I'm meeting with Dominik Abé, creative director of Shadow Tactics: Blades of the Shogun and founder of Mimimi Productions. I admit to him that, so far, I'm only half way through the real-time tactical stealth game's campaign. "It's pretty difficult," I explain. "Sorry," he laughs. He needn't apologise. Shadow Tactics is old school by design, inspired by classic, uncompromising stealth games like Commandos and Desperados.
Given the extent to which Shadow Tactics wears its influences on its sleeve, Mimimi seems like the perfect developer to resurrect the Desperados series. I'm shown a partial playthrough of one level of the upcoming game, as new character Hector is rescued by returning series regular Cooper during a bar brawl. Having dispatched their attackers in a cutscene, the pair must slip past more goons camped outside of the bar.
It's classic Desperados in tone, but the art style and presentation is reminiscent of Shadow Tactics—albeit with a detailed, intricate Wild West town replacing the fortresses and temples of Edo period Japan. Hector even plays like a combination of Shadow Tactics' characters Yuki and Mugen. He's a heavy-set lad capable of carrying two incapacitated guards and armed with a shotgun that can deal massive damage in a wide cone, but who can also set bear traps with which to ensnare patrolling guards.
The focus seems to be more on using combinations of characters. So while Hector can set a trap, you'll need to use Cooper's whistle to draw a guard towards it. And, true to the genre, things quickly escalate in difficulty, with large, open areas that require synchronised takedowns, and special, armoured enemies who can deflect Cooper's throwing knife.
Slipping away from the bar, Hector and Cooper reach the town proper—a bustling thoroughfare full of people going about their day. This is a 'civil' zone, where Hector and Cooper are free to explore without being harassed. "In a Western town, an armed cowboy doesn't draw too much attention," explains Abé. "Only if you do something suspicious—if you kill somebody, people react to you—but as long as you just walk around and don't do anything you're good."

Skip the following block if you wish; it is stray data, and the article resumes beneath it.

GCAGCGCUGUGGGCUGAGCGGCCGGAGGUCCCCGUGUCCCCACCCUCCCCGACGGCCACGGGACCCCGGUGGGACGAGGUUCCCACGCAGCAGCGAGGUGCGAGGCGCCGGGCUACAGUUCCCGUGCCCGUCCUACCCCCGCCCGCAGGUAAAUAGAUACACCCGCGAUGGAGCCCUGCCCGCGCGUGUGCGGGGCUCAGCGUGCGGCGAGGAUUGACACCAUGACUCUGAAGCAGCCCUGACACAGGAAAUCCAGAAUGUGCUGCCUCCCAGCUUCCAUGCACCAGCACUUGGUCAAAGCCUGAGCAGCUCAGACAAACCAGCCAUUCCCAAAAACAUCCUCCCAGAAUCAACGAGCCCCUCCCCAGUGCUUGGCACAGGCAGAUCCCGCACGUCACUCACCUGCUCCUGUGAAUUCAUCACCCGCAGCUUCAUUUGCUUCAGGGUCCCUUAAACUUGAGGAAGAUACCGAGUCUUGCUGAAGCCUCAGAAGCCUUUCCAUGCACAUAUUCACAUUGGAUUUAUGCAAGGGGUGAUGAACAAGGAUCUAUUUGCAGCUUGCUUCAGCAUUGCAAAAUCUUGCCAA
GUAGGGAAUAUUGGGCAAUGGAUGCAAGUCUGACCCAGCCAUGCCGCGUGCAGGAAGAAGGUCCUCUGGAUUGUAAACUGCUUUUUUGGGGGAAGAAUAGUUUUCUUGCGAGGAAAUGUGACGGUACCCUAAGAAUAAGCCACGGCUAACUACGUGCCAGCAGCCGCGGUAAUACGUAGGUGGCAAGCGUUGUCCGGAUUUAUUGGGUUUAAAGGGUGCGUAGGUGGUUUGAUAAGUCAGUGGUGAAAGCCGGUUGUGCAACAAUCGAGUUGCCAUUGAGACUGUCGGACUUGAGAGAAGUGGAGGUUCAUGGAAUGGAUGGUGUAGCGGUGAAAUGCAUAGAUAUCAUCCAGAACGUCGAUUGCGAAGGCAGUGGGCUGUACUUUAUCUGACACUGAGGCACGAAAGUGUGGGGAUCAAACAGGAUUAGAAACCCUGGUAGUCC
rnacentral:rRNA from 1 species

This is one of the main things I saw that clearly differentiates Desperados 3 from both its predecessors and Shadow Tactics. "It's kind of new for the genre," says Abé. "Before there were only the possibilities to disguise yourself. Here, we have the possibility to have more cool settings, because it would be weird if, in a Western town, if everybody would start shooting at me."
Hector enlists Coopers help checking off a hit list of targets. There are multiple people around the map in need of killing, but, for the demo, we focus on only one – the new owner of the local brothel. As the pair explore, they overhear snippets of conversation that hint at ways to complete each objective. We learn that there's a stash of laudanum hidden inside the brothel, and that the owner has a drinking habit. That suggests a potential outcome: if the pair can steal the laudenum, they can use it to spike the owner's whisky supply, poisoning her. This is just one option: the two could also try infiltrating the building for a more direct kill.
"It depends on the map, but mostly we have at least two major paths to approach [an objective]," says Abe. "Like, really major, where you're like, 'I played the map and didn't tackle this area'. You have a lot of freedom and replayability."
I like this approach as an evolution to real-time tactical stealth games. The slow, thoughtful pace (and high difficulty) remains in tact, but here Mimimi are bringing in elements of more action-oriented stealth games like Hitman into the mix. Desperados 3, like Shadow Tactics before it, may be old school, but that doesn't mean it can't evolve and improve the genre.